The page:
Sunday, May 20, 2007

Elephant God Magic

Visiting Siddhivinayak is like going to a fair.

The way is lined with little pavement stalls. Sadhus and fakirs stand at corners, selling amulets and charms. There are crowds of people from all parts of India, queueing up, drawn by the magic pull of the Elephant God.
Five rupees can get you this sacred thread
You can buy garlands and offerings on this street inside the temple complex.
At other stalls you can buy colourful images - but none of them are
carved in the likeness of the idol inside, with the trunk curved to the right.
Sweet shops sell modak - Ganesha's favourite food

And where's the rule that says you can't look pretty while you go
see the Lord? Flowers for the hair, very popular with visitors.

Siddhivinayak temple is more than two hundred years old, although it has been renovated and remodelled recently. It was originally built by Deubai Patil, a lady from Matunga, who belonged to the Agris, one of the oldest communities of Mumbai. In designing the idol, i read somewhere that she was inspired by a calendar hanging on her wall - the calendar had a photo of the Ganesh idol at Banganga, which is 500 years old. Whatever the inspiration, there is no doubt that today, Siddhi Vinayak is Bombay's favourite god.

What I like about the temple is its open-door policy.

People of all faiths and religions come to Siddhivinayak.
Unlike some other Hindu temples, no one is turned away. I called the temple office to check if I could bring foreigners. Yes, they said. Everyone can come right inside. And when I checked the temple website, I found that the makhar - the sanctum housing the deity - was built by a Muslim artisan family, known for the intricacy of their work. I wish we had more temples like this!

Inside view of the temple sanctum, with the makhar
Here is what he looks like: black stone idol, coated with red lead (shendur).


Anonymous said...

You have a nice blog about Bombay. Can you post your articles on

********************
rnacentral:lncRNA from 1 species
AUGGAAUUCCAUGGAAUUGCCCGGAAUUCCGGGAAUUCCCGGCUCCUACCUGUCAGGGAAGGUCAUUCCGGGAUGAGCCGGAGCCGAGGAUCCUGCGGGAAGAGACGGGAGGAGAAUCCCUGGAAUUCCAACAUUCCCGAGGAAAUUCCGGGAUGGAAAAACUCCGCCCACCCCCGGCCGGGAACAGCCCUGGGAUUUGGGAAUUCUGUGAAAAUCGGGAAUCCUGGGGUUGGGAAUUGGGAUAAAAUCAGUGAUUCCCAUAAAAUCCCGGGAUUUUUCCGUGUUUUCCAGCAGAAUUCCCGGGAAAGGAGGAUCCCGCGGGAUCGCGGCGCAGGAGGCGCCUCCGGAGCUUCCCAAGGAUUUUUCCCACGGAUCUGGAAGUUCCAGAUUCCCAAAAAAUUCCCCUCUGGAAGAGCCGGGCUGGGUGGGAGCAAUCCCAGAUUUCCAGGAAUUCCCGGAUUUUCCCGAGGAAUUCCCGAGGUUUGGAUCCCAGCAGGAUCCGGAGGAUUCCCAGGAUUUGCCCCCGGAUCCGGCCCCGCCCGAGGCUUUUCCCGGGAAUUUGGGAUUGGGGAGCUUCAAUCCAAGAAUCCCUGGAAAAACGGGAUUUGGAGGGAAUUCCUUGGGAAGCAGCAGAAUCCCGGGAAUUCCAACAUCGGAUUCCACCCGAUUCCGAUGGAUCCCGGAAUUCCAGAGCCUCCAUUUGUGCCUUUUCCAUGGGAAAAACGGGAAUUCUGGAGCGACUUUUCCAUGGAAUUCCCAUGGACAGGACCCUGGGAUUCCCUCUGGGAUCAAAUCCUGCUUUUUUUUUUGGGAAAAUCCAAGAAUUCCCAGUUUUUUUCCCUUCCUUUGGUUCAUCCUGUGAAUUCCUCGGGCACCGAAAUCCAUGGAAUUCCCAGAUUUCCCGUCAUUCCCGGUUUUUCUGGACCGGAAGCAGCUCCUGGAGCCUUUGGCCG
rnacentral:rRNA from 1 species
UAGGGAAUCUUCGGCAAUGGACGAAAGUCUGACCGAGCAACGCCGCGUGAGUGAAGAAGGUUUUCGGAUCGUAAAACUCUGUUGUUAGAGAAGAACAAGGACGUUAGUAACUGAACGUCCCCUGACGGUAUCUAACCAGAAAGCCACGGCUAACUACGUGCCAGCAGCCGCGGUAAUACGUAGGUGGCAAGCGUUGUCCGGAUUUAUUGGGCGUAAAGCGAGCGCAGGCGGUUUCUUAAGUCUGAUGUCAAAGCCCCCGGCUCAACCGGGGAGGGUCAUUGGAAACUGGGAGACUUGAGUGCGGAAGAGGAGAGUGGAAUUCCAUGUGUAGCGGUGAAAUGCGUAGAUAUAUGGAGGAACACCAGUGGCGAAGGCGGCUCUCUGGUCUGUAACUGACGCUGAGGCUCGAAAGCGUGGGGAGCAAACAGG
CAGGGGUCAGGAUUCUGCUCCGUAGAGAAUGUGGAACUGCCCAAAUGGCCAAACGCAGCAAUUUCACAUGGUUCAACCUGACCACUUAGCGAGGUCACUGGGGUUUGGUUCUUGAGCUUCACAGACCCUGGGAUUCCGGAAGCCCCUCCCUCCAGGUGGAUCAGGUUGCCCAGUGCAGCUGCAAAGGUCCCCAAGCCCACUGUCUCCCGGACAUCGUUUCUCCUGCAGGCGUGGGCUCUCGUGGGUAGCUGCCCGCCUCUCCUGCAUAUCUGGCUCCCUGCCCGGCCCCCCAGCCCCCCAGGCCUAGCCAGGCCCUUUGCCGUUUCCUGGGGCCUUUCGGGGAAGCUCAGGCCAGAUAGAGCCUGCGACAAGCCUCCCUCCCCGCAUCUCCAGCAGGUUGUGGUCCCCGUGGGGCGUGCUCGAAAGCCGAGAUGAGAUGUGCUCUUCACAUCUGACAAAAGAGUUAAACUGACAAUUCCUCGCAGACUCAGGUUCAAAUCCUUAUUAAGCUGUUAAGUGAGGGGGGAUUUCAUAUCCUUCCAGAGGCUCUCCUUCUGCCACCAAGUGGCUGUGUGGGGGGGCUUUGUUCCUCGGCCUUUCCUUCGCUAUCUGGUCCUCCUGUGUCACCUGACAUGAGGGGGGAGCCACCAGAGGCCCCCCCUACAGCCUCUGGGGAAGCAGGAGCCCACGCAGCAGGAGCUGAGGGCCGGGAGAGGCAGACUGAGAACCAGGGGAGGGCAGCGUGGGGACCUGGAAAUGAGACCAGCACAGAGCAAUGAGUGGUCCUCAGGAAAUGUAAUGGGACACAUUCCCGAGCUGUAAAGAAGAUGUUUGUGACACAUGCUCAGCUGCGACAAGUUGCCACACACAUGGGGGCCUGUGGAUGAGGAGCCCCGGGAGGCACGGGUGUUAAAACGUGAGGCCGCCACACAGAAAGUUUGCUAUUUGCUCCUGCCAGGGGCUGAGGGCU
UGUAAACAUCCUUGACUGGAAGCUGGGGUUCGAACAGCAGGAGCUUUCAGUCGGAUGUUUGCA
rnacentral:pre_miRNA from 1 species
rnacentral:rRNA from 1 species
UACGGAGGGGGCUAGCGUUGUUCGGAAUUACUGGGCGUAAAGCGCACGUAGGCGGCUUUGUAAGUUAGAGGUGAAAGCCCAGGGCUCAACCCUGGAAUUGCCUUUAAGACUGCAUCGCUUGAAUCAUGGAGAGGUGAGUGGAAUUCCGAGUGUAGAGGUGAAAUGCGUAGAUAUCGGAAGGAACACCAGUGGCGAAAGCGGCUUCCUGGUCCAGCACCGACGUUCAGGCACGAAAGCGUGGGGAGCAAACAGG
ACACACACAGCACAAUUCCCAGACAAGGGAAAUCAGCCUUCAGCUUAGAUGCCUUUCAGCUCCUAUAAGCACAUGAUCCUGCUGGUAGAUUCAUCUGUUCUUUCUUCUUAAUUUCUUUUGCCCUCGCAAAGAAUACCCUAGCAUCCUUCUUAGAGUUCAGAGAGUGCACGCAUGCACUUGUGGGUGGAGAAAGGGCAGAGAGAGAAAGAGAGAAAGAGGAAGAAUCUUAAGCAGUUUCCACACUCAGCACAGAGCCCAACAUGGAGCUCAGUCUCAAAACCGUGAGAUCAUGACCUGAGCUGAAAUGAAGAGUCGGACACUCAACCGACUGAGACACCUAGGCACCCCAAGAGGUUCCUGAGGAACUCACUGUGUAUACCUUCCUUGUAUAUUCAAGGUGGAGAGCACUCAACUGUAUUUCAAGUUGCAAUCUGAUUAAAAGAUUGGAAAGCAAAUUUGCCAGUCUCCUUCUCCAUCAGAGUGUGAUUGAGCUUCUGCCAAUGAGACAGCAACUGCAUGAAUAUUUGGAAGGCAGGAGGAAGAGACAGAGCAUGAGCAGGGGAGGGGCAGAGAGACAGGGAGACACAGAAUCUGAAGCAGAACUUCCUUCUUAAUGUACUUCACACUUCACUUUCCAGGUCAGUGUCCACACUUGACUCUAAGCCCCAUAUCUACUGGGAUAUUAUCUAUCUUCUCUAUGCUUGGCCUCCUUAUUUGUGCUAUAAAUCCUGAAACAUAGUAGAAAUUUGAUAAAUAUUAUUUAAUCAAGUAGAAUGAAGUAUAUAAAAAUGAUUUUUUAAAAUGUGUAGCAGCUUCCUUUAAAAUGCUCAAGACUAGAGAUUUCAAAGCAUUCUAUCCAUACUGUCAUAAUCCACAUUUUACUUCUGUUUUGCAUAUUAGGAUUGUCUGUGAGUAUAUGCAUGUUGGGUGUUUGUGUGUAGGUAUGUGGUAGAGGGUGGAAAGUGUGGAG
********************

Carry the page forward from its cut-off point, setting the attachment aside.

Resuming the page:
Anonymous said...


There are many temples in India which allow people of all class, caste, country, clan, region, religion and language to pray and enter.

I know this Jaain temple in Kutch, which has this muslim family performing once in a week, and they are performing for seven generations now.

These is muslim saint's dargah near Indo-Pak border in Kutch which allows people from every where to come and pray.

I do not have anything against any god or temple, but don't you think that these temples are highly commercialized? VIP passes, passes with different prizes? are we going to movie hall? Why does Amitabh and Aishwariya's family get special treatment to go directly to main temple, and common men stands in queue for hours just to get the glmise of god from some corner at 1 floor of temple.

Most people come here not for the god, but with selfish motive with some wish. People want to become rich, want to get job, want to marry, want baby, and what not.

helga said...

Ganesh is my favourite Hindu God/ symbol and I collect "idols" of him, some clay, some carved wood but also pictures/posters of statues -I don't really like the "sweet candy coloured" ones but more "natural or design"..
After reading your remark about the trunk I compared my collection with the one in this temple and ALL my Ganeshes have their trunk pointing left..and I tried to find why that could be. I found this on a Feng shui page: "If the trunk turns to Ganesh's left, that is the direction for success in the world. If it turns to the right is a renunciation" and now I wonder about this temple here.
Ganesh I like as being the symbolic "remover of obstructions".. but I could agree with Ken's comment that at times the "health and even more wealth" ideal ( also the Laksmi part) is "a demand" (getting rich overnight please)more than the symbolic value I appreciate

Anonymous said...

The idols are very interesting. It has color, shape and form, structure - I adore them for they are man's imagination. I haven't seen this one in person - but the innumberable interpretaions of Ganesha is mindboggling.

Ganesh Chaturthi is insufficient to celeberate the festival. May be we should have Art Galeries celebrate the theme too - Artists'impression of the elephant god. may be a A fair. May be kalaghoda can celebrate this as part of its art festival.

Anonymous said...



I do not believe in Idol preaching, but Ganesh is one god who attracts almost everybody on earth. Interpretations and stories of Ganesh's characteristics are amzing.

Another Hindu go god which I admire is Lord Krishan, I would suggest Deepa to post about him now. :) :)


Anonymous said...

Deepa, Your narration about Siddhivinayak temple as well as the colorful photos are very appealing. India is indeed incredible with so many wonderful things. Thanks